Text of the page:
The Ultimate Sports Authority

Got a sporting dispute? Carolyn Witherspoon can handle it

Published in 2007 Mid-South Super Lawyers — December 2007

If you bring the ball, does that make you team captain? Which is more fair, the coin toss or paper-rock-scissors? And what about shirts vs. skins? When sporting disputes progress beyond these age-old debates, solving them becomes more complicated than simply plying the warring parties with punch and pie. 
 
That’s a fact Carolyn Witherspoon knows well. In the world of grown-up sports, Witherspoon fills the role of “the parent”––when two sides can’t work it out themselves, they bring the dispute to her. Witherspoon is an arbitrator for the international Court of Arbitration for Sport, the governing body that lays down the law for everything from tennis to cycling to judo. 
 
Founded in 1984, the CAS was meant to do for sports-related legal disputes what regular arbitration has done for issues like divorce proceedings––make them cheaper and less contentious, and get a faster verdict. That last one is particularly important to athletes. “Previously, sporting disputes were handled through various national legal systems,” Witherspoon says. “But athletes need a shorter turnaround. Sometimes, they want to participate in another upcoming event and the decision on whether they can needs to be reached rather quickly. That’s the beauty of this system.”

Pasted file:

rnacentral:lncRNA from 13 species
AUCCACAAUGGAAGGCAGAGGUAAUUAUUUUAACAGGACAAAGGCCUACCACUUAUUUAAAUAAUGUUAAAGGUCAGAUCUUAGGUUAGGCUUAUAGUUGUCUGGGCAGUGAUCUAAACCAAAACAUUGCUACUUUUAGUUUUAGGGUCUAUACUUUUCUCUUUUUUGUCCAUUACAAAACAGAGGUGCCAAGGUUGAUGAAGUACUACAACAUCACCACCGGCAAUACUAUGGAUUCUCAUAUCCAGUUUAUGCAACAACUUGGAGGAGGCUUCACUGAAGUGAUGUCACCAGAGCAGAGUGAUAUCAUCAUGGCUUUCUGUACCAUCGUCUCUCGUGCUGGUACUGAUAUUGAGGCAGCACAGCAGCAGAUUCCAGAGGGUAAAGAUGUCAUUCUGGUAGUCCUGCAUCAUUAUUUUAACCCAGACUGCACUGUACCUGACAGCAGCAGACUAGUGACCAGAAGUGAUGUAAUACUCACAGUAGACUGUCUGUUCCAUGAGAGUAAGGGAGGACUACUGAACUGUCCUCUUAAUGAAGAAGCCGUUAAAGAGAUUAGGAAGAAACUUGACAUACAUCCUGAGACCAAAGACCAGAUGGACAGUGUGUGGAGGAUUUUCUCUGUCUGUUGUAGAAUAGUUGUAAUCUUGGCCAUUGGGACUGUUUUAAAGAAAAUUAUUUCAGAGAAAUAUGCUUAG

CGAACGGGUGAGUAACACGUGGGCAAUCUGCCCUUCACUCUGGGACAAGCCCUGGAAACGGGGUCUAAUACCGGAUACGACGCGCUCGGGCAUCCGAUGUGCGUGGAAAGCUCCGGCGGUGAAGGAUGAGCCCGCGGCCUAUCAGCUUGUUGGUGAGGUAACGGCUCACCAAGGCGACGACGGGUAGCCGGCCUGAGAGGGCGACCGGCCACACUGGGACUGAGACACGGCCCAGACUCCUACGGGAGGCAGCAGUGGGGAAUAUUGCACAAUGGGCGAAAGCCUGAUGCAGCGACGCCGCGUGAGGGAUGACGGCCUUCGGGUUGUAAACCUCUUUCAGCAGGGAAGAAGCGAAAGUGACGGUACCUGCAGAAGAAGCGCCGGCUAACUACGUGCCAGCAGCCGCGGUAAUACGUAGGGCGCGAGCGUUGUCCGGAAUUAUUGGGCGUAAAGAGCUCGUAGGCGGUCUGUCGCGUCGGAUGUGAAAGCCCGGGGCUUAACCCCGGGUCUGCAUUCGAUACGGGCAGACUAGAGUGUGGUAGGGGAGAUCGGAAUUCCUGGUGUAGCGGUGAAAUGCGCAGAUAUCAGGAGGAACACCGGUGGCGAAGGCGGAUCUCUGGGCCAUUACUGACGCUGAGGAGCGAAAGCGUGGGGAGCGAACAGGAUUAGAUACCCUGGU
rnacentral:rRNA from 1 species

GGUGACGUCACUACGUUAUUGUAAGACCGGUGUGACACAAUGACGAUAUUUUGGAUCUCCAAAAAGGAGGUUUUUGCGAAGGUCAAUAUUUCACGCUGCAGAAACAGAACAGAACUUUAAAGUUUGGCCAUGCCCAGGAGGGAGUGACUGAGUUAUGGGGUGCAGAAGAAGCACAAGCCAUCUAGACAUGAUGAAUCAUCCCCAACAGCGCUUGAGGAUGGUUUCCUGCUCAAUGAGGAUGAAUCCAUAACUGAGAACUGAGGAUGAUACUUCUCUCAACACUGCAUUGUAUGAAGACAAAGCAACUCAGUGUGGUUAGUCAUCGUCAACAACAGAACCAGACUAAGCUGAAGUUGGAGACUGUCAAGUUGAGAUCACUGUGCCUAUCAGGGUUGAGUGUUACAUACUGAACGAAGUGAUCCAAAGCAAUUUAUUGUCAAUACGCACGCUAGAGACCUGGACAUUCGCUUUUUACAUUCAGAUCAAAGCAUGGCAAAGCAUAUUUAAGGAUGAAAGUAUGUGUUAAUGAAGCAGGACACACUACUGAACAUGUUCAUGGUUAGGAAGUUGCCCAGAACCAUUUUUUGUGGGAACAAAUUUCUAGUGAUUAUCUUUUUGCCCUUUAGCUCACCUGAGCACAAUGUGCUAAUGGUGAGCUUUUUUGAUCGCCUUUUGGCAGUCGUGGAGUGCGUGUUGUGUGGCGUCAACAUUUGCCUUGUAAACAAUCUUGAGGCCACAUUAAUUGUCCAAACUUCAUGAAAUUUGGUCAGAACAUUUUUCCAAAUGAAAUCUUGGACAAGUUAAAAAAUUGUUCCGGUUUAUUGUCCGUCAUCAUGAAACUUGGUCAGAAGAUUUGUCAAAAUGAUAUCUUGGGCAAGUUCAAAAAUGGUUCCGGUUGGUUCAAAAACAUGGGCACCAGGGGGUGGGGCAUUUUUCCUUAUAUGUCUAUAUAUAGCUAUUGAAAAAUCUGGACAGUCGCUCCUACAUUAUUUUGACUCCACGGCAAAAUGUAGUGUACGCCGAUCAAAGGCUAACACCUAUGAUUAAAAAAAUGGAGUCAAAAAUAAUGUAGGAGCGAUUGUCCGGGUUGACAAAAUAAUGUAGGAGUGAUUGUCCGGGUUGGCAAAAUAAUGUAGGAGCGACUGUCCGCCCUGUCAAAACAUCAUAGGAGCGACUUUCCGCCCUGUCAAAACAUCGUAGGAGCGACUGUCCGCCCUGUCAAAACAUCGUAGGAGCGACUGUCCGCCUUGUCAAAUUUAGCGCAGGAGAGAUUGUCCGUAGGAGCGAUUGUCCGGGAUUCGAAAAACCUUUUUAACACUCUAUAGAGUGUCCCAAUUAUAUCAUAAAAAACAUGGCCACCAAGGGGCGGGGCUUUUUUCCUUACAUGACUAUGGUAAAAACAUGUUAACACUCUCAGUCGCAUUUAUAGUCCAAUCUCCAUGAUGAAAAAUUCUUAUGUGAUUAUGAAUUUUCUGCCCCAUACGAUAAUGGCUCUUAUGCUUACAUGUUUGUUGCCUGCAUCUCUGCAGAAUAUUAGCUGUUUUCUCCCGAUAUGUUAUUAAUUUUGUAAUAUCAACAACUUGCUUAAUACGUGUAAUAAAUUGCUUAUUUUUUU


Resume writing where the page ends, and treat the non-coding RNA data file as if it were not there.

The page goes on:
Now when a dispute needs sorting out, athletes, teams and sports organizations bring their grievances to the CAS, where an arbitrator hears their case, weighs the evidence and makes a decision on whether punishment is deserved and what it should be. Witherspoon says that most of the cases the court deals with, and nearly all the ones she’s overseen, have involved accusations of doping in various sports, including track and field and cycling. In those situations, the punishment is usually a temporary ban from the sport. Because the stakes are so high, Witherspoon can’t risk damaging her reputation for impartiality by talking specifics about the cases she’s arbitrated. 
 
Which makes it tough to properly explain to her co-workers at Cross, Gunter, Witherspoon & Galchus in Little Rock what it is she does in her spare time. 
 
Yes, the CAS isn’t Witherspoon’s full-time job. She was nominated for her position by her mentor, the late 8th U.S. Circuit Court of Appeals Judge Richard Arnold, who helped organize the CAS in America. There’s compensation, but she says it’s minimal. Instead, for her, the court is one part hobby and three parts volunteer opportunity. “I think, as attorneys, we have an obligation to improve our profession and to serve the community,” she says. “Arbitration is a way to serve the community of sport, which is important, and it’s a way to meet people from different places and cultures.” 

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